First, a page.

Motiejunas is never going to be higher than third banana for this team. That’s fine – your third best player is still really important if you want to perform at championship level. But if he wants to be a ‘star’ (I really hate using that term but that’s a discussion for another time) it’s not going to happen while he has to grab the occasional sliver of limelight from behind Howard and Harden. For now I feel like we should embrace the role he’s currently in – providing some offensive punch from the post when required and otherwise just filling in the gaps as needed.

McGuire: I may or may not have made that star comment just to watch Rahat react.

Richard: Man this is the second time Paul does a roundtable on my posting day. I demand a gift basket in return. At this point, I think everyone agrees that Dwight Howard is not a particularly wonderful offensive option with his present usage. Since Harden is our first offensive option, and Harden driving and kicking to a shooter is our second offensive option, does that make DMo our third offensive option?

Could one of the unseen advantages of DMo be that he’s taking away possessions from Howard in the post? I mean, if we agree that Howard in the post is a big opportunity cost, then DMo in the post is addition by subtraction, along with whatever added value he has by himself. Another thing worth mentioning is that, if Howard is not awkwardly maneuvering the post, he’s free to roam the offensive boards. That has to be worth something.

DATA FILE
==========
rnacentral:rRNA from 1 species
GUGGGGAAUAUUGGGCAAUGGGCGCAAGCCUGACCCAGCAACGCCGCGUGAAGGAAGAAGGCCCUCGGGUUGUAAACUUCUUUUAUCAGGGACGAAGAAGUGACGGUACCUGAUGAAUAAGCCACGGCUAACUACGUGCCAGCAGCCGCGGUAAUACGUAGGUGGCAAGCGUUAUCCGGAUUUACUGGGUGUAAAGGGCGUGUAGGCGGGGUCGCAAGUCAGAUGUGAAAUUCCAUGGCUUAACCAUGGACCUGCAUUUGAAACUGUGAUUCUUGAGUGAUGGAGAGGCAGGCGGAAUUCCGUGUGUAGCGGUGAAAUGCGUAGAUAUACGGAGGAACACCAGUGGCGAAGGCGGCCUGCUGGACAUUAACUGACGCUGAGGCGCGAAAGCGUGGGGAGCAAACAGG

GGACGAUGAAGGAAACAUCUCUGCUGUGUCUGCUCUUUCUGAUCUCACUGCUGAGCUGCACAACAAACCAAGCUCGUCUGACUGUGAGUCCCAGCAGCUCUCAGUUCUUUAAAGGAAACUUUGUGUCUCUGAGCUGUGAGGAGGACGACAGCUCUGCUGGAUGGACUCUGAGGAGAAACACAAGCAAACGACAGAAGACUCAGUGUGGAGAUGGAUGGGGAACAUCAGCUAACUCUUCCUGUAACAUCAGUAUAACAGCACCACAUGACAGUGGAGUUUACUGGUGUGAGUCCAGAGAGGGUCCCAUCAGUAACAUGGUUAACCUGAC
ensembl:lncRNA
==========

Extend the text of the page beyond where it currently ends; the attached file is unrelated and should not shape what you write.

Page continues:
McGuire: I prefer looking at things in terms of options as opposed to who is a star player or not, and I think Motiejunas is Houston’s best non-Harden option. That said, Motiejunas’s development does not mean the Rockets could use another shot creator. One reason why I remain doubtful of the role of the traditional big man post-player is because it’s just harder to get players like that the ball in today’s NBA. Motiejunas’s post skills do nothing to diminish that – who can forget what a pain it was to watch the Rockets trying to get Yao Ming the ball? (Dear God, Yao hasn’t played relevant basketball in over half a decade now).

Still, how does our frontcourt rotation look going forward, especially when Terrence Jones finally returns? I was probably the most nervous out of us about signing Smith, and there are plenty of things I still don’t like about his play. His passing reminds me of Terrence Williams in “it works really well when you don’t turn the ball over”. His shooting is problematic not just in the shot itself, but because Smith hangs around the perimeter way too much in general. But he has had been alright despite everything, and for once this team might actually have the luxury of depth.